A New Wave of Corporatizing Fashion Brands

4 min readFeb 1, 2022

Recently, Reliance Brands Limited (RBL) announced a joint venture with a 60 per cent stake in Rahul Mishra, intending to create a new ready-to-wear brand.

The news compelled us to look back at other partnerships between creativity and commerce, fashion and business and see how profitable and lucrative the financial backing is.

Fashion house Anita Dongre was one of the first to receive financial backing in 2009 from Future Group and in 2013 from General Atlantic.

The year 2021 was a defining year for Indian luxury designers. It started with Aditya Birla Fashion and Retail Limited (ABFRL) acquiring a 51 per cent stake in India’s most significant bridalwear brand Sabyasachi, for INR 398 crore. With the collaboration they aim to become the first global luxury house out of India.

Over the last decade, RBL and ABFRL have dominated luxury retail in India. Since its launch in 2007, RBL has brought leading international brands such as Kate Spade, Diesel, Superdry, Steve Madden and Tiffany & Co. to India. Meanwhile, ABFRL has a repertoire of leading brands such as Louis Philippe and Ted Baker, amongst others.

Indian retail giants are now tapping into the Indian wear market, particularly in bestselling categories, bridalwear and festive wear. These partnerships aim to speed up, scale up, nurture and organise brands by providing them with new supply chains, global outreach, financial skill sets, digital marketing abilities, and a depth of distribution.

RBL began by investing in Indian luxury brand Satya Paul and menswear ethnic label Raghavendra Rathore. Alongside, their coterie includes names like Anamika Khanna, Ritu Kumar, and more.

ABFRL’s foray into the ethnic wear business includes partnerships with Designers Shantanu & Nikhil, Tarun Tahiliani and Sabyasachi.

The dynamics of the Indian fashion industry has seen a rapid shift. With shopping behaviour changing, social media driving reshaping sales and the world generally becoming smaller, the convergence of these top retail businesses with aspirational designer brands has been vital to expanding the scope of fashion design.

The new investments in Indian brands and designers promise high-growth potential, even as the economy witnesses many changes. Partnerships have enabled the companies to grow even during the pandemic’s peak. Conglomerates initiate these strategic partnerships with clarity and a long-term view for growth.

Indian designer names and brands are still small players compared to global luxury brands. By corporatising Indian designers, they aim to not just scale the brands by helping them with their digital journeys, launching affordable pret lines, adding product categories, opening brick-and-mortar stores, and beginning new ventures; but to help them enter the international market and have a worldwide footprint.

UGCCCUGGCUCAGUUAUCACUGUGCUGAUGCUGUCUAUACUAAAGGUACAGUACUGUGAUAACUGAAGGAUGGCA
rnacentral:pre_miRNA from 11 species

With RBL’s 40% stake in homegrown designer label Manish Malhotra, the collaboration strives to expand MM Styles retail presence in India.

ABFRL got into a strategic alliance with designer Tarun Tahiliani, with a 33 per cent stake in the existing couture line and an 80 per cent stake in the newly launched contemporary men’s ethnic wear brand, Tasva. They recently partnered with House of Masaba to build a gen-next fashion and lifestyle business.

Despite divided opinions, commerce and creativity go hand-in-hand, which is precisely what these notable partnerships between conglomerates and designers prove.

RBL and ABFRL are now said to be on the way to becoming companies like LVMH and Kering. The major players in Indian luxury retail only want to get bigger in the lifestyle and apparel segment. While ABFRL is sticking to their niche and making luxury brands more accessible with pret lines, RBL is focusing on nurturing designers and taking Indian luxury international.

The battle between India’s two most giant conglomerates, Reliance Brands and Aditya Birla Fashion and Retail, continue to lead us into 2022 as they diversify their portfolio of homegrown fashion brands with joint ventures and partnerships.

The retail giants are on a consolidation spree on homegrown luxury brands. While we can’t predict the future, we notice a firm nod to the potential of the Indian design landscape moving ahead, and are excited to see what the future holds in the world of fashion and business.

“Due to the heating competition in the luxury pret and trousseau segment, there’s an opportunity for these designer brands to be acquired for INR 50Cr to INR 100Cr, in the next 12 months” — Amit Bhardwaj (Co-founder, 6Degree)




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